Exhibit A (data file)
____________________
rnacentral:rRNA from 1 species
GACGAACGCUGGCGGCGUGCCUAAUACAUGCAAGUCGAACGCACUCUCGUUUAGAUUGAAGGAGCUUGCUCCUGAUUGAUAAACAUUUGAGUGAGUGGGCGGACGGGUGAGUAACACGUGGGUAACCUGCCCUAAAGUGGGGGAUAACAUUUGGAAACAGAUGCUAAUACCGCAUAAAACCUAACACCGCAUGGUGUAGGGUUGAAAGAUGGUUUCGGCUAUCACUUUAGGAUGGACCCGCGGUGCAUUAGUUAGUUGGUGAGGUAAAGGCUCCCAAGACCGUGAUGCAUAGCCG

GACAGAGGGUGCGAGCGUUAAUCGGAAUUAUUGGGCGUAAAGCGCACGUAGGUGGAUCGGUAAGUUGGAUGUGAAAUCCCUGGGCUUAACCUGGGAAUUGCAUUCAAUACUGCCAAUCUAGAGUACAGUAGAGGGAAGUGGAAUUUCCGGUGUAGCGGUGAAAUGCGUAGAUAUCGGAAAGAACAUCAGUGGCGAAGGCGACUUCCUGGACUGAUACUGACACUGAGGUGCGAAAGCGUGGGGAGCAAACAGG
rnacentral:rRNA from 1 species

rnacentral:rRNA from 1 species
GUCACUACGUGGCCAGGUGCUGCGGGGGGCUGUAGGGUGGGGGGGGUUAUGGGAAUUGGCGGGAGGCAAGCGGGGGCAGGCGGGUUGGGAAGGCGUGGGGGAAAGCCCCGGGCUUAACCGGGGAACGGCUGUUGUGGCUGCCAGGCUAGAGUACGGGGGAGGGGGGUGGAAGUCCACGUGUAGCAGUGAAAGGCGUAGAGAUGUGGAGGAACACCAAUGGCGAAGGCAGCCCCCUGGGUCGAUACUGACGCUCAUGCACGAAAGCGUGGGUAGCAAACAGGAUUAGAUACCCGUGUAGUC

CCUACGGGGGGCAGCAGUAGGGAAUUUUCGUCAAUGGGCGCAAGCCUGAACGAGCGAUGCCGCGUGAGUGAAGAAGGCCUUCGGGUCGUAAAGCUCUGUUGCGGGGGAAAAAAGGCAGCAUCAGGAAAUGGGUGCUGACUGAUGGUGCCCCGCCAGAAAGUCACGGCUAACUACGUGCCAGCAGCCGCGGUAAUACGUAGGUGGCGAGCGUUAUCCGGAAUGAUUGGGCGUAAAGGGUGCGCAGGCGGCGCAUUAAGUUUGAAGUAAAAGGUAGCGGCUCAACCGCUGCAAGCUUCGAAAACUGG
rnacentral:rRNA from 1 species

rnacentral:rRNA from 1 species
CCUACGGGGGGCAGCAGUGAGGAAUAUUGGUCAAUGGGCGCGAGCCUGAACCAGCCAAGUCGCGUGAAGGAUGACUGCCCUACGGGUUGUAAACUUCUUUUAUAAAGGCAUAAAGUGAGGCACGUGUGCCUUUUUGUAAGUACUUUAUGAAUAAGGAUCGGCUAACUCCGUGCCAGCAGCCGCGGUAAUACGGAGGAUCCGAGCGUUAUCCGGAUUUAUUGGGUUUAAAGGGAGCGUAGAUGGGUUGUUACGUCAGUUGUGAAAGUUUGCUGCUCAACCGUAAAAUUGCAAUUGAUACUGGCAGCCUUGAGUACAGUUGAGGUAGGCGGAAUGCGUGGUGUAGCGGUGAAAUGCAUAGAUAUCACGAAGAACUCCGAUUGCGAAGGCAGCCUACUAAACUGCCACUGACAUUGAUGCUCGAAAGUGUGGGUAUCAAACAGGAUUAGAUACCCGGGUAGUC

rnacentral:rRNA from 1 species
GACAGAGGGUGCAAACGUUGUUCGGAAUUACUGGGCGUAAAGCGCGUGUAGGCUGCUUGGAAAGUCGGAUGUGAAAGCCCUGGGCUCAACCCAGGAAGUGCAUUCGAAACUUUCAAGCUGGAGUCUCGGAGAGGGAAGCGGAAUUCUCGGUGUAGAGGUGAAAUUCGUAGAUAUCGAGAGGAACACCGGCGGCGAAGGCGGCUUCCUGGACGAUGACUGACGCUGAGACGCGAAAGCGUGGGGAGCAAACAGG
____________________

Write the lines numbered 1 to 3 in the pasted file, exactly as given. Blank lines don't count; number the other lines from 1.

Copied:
rnacentral:rRNA from 1 species
GACGAACGCUGGCGGCGUGCCUAAUACAUGCAAGUCGAACGCACUCUCGUUUAGAUUGAAGGAGCUUGCUCCUGAUUGAUAAACAUUUGAGUGAGUGGGCGGACGGGUGAGUAACACGUGGGUAACCUGCCCUAAAGUGGGGGAUAACAUUUGGAAACAGAUGCUAAUACCGCAUAAAACCUAACACCGCAUGGUGUAGGGUUGAAAGAUGGUUUCGGCUAUCACUUUAGGAUGGACCCGCGGUGCAUUAGUUAGUUGGUGAGGUAAAGGCUCCCAAGACCGUGAUGCAUAGCCG

GACAGAGGGUGCGAGCGUUAAUCGGAAUUAUUGGGCGUAAAGCGCACGUAGGUGGAUCGGUAAGUUGGAUGUGAAAUCCCUGGGCUUAACCUGGGAAUUGCAUUCAAUACUGCCAAUCUAGAGUACAGUAGAGGGAAGUGGAAUUUCCGGUGUAGCGGUGAAAUGCGUAGAUAUCGGAAAGAACAUCAGUGGCGAAGGCGACUUCCUGGACUGAUACUGACACUGAGGUGCGAAAGCGUGGGGAGCAAACAGG